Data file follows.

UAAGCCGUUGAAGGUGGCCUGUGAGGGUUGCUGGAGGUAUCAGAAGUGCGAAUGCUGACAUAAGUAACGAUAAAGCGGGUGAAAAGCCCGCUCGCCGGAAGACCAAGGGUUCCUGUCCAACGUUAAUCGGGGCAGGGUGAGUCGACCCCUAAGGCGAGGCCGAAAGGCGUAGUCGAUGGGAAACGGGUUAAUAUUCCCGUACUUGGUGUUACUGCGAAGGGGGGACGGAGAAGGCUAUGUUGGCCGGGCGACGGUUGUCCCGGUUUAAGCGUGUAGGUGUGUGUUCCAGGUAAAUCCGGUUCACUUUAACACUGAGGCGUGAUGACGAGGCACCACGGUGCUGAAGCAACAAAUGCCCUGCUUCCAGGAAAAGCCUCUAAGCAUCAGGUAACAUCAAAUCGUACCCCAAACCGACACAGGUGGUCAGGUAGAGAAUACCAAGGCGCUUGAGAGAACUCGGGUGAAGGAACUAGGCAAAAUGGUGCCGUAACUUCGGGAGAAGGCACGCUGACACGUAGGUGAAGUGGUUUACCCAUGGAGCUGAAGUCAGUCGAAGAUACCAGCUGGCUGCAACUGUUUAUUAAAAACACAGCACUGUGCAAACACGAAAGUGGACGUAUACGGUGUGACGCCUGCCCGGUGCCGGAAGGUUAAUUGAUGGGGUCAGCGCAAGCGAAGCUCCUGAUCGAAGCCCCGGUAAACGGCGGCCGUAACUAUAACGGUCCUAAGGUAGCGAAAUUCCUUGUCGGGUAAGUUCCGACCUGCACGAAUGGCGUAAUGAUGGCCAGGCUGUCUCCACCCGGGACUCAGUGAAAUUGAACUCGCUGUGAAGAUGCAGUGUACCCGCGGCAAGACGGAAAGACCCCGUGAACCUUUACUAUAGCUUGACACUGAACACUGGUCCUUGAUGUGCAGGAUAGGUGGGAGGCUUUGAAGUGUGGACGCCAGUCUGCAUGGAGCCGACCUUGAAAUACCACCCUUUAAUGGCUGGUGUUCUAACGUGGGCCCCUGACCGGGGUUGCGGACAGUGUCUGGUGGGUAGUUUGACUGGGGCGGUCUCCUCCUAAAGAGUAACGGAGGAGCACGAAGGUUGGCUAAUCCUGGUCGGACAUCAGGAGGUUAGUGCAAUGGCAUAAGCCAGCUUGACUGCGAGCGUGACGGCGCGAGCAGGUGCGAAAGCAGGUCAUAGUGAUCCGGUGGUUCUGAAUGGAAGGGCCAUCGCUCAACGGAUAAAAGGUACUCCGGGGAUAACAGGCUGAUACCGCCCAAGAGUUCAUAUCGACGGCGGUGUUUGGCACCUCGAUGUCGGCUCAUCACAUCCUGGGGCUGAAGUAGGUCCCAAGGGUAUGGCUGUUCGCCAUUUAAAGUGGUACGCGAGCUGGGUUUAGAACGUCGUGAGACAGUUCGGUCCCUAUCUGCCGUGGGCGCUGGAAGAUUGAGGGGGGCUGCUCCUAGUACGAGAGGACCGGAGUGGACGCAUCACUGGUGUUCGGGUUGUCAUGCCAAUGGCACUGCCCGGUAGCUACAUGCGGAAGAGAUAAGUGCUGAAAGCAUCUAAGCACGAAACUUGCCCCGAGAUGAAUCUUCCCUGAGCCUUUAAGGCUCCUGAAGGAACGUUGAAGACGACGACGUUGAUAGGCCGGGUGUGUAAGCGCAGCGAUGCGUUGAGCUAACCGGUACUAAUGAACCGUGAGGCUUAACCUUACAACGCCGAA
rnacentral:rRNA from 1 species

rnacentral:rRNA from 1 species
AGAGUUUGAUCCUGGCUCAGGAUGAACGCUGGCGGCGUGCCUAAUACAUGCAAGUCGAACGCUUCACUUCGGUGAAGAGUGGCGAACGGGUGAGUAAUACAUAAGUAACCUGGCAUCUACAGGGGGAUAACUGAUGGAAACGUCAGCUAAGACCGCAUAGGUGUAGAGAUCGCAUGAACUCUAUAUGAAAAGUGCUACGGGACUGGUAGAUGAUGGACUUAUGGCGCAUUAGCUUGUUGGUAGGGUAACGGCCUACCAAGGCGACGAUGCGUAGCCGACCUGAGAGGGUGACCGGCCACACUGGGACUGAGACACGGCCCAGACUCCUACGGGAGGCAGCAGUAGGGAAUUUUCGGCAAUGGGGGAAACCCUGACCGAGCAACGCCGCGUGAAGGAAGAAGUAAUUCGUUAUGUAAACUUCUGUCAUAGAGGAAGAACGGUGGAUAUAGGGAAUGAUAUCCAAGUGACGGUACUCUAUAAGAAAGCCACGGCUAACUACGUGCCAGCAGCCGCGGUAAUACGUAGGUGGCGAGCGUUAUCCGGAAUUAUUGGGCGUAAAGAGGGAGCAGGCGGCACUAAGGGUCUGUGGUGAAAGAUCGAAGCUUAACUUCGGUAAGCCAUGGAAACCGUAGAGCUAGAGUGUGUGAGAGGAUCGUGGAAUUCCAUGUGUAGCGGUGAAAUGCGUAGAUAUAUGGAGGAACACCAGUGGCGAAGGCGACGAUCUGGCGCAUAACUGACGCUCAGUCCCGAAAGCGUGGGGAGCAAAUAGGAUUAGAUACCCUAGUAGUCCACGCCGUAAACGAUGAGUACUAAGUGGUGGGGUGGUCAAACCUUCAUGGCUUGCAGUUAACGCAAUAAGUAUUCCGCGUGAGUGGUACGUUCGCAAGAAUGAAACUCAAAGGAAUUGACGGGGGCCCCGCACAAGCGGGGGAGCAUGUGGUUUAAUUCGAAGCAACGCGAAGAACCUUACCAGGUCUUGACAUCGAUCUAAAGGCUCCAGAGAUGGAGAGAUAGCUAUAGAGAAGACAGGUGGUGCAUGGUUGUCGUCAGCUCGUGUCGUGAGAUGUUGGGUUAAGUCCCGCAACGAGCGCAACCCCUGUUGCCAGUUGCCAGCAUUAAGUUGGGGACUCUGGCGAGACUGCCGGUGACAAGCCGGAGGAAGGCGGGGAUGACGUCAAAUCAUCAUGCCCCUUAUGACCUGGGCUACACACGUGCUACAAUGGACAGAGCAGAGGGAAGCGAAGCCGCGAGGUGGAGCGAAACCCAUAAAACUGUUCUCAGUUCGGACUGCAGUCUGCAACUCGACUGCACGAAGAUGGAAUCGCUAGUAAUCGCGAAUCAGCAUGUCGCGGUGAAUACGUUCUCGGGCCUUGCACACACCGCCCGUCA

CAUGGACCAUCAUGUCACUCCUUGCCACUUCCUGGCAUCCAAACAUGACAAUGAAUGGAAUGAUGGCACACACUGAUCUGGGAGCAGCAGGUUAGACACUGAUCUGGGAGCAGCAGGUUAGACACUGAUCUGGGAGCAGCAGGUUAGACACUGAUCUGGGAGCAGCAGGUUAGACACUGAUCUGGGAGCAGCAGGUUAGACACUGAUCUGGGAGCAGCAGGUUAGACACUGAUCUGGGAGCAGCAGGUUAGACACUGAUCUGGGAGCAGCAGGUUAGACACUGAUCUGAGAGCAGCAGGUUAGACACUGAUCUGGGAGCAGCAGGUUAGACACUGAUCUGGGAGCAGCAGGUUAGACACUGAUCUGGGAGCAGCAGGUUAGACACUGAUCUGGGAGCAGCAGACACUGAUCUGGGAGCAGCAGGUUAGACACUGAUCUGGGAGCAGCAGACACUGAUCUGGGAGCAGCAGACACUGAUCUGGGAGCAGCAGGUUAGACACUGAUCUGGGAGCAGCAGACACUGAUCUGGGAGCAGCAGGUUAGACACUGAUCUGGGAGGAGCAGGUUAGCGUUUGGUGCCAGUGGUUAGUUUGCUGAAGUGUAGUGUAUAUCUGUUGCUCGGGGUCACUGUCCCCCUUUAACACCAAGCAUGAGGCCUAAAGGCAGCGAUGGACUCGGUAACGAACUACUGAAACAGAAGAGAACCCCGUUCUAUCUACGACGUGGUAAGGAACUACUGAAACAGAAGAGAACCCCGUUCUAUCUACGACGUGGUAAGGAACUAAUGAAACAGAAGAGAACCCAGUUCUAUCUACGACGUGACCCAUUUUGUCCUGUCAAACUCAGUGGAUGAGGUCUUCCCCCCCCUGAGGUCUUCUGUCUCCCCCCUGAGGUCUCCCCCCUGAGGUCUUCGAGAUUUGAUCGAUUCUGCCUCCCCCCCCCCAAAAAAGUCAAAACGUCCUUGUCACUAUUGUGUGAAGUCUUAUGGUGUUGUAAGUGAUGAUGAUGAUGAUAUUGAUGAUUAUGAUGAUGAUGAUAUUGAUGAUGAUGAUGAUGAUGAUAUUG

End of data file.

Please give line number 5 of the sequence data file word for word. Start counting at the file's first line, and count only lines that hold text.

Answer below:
CAUGGACCAUCAUGUCACUCCUUGCCACUUCCUGGCAUCCAAACAUGACAAUGAAUGGAAUGAUGGCACACACUGAUCUGGGAGCAGCAGGUUAGACACUGAUCUGGGAGCAGCAGGUUAGACACUGAUCUGGGAGCAGCAGGUUAGACACUGAUCUGGGAGCAGCAGGUUAGACACUGAUCUGGGAGCAGCAGGUUAGACACUGAUCUGGGAGCAGCAGGUUAGACACUGAUCUGGGAGCAGCAGGUUAGACACUGAUCUGGGAGCAGCAGGUUAGACACUGAUCUGAGAGCAGCAGGUUAGACACUGAUCUGGGAGCAGCAGGUUAGACACUGAUCUGGGAGCAGCAGGUUAGACACUGAUCUGGGAGCAGCAGGUUAGACACUGAUCUGGGAGCAGCAGACACUGAUCUGGGAGCAGCAGGUUAGACACUGAUCUGGGAGCAGCAGACACUGAUCUGGGAGCAGCAGACACUGAUCUGGGAGCAGCAGGUUAGACACUGAUCUGGGAGCAGCAGACACUGAUCUGGGAGCAGCAGGUUAGACACUGAUCUGGGAGGAGCAGGUUAGCGUUUGGUGCCAGUGGUUAGUUUGCUGAAGUGUAGUGUAUAUCUGUUGCUCGGGGUCACUGUCCCCCUUUAACACCAAGCAUGAGGCCUAAAGGCAGCGAUGGACUCGGUAACGAACUACUGAAACAGAAGAGAACCCCGUUCUAUCUACGACGUGGUAAGGAACUACUGAAACAGAAGAGAACCCCGUUCUAUCUACGACGUGGUAAGGAACUAAUGAAACAGAAGAGAACCCAGUUCUAUCUACGACGUGACCCAUUUUGUCCUGUCAAACUCAGUGGAUGAGGUCUUCCCCCCCCUGAGGUCUUCUGUCUCCCCCCUGAGGUCUCCCCCCUGAGGUCUUCGAGAUUUGAUCGAUUCUGCCUCCCCCCCCCCAAAAAAGUCAAAACGUCCUUGUCACUAUUGUGUGAAGUCUUAUGGUGUUGUAAGUGAUGAUGAUGAUGAUAUUGAUGAUUAUGAUGAUGAUGAUAUUGAUGAUGAUGAUGAUGAUGAUAUUG